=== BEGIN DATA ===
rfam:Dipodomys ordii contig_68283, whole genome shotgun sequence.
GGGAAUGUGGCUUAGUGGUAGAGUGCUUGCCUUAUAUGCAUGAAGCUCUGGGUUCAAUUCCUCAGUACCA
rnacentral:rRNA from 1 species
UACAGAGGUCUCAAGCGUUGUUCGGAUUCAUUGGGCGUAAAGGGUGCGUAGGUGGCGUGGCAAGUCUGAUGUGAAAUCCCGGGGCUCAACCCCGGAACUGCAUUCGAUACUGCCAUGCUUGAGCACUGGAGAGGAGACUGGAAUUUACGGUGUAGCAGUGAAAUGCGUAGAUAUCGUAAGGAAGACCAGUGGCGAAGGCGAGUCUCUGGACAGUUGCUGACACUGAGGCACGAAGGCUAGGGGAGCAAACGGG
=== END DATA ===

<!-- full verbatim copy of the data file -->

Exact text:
rfam:Dipodomys ordii contig_68283, whole genome shotgun sequence.
GGGAAUGUGGCUUAGUGGUAGAGUGCUUGCCUUAUAUGCAUGAAGCUCUGGGUUCAAUUCCUCAGUACCA
rnacentral:rRNA from 1 species
UACAGAGGUCUCAAGCGUUGUUCGGAUUCAUUGGGCGUAAAGGGUGCGUAGGUGGCGUGGCAAGUCUGAUGUGAAAUCCCGGGGCUCAACCCCGGAACUGCAUUCGAUACUGCCAUGCUUGAGCACUGGAGAGGAGACUGGAAUUUACGGUGUAGCAGUGAAAUGCGUAGAUAUCGUAAGGAAGACCAGUGGCGAAGGCGAGUCUCUGGACAGUUGCUGACACUGAGGCACGAAGGCUAGGGGAGCAAACGGG